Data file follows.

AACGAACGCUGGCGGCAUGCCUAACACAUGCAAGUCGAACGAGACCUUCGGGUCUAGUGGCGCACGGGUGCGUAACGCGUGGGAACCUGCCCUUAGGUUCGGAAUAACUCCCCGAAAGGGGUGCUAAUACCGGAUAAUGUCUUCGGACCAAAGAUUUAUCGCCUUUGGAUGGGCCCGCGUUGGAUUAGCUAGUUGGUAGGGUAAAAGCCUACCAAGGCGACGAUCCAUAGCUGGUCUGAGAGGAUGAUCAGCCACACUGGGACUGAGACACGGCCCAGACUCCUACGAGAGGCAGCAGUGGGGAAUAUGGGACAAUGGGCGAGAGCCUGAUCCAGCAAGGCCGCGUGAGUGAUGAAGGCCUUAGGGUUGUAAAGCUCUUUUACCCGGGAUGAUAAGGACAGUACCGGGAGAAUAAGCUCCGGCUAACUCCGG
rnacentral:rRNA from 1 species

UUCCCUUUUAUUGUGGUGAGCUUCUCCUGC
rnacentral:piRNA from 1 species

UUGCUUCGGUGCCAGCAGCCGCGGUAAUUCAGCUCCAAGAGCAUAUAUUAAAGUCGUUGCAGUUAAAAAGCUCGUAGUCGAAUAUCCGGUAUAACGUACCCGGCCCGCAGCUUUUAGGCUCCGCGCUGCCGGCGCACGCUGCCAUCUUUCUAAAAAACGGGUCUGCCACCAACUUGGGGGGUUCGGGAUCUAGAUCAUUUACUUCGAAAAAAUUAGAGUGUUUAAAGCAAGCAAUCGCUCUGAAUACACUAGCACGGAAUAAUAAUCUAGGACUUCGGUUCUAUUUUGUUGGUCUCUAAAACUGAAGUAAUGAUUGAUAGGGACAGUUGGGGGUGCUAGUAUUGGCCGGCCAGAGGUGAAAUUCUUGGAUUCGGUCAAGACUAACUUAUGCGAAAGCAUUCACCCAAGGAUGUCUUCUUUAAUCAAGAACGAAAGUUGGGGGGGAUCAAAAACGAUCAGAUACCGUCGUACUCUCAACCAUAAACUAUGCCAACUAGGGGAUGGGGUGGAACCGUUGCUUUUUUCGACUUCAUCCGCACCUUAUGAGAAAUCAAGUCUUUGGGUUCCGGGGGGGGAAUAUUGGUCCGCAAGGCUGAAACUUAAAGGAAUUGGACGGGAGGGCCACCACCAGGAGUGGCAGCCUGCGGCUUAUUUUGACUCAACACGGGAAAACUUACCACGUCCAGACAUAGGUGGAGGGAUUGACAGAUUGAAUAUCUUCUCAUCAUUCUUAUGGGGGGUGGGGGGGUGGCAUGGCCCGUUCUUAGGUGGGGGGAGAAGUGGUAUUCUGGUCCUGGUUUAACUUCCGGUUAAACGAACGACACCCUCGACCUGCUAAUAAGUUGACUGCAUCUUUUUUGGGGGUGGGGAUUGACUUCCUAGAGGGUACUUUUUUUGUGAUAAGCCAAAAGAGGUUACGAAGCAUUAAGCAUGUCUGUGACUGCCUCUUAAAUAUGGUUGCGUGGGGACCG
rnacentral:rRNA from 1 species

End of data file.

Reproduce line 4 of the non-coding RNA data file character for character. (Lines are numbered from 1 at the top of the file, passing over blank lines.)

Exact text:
rnacentral:piRNA from 1 species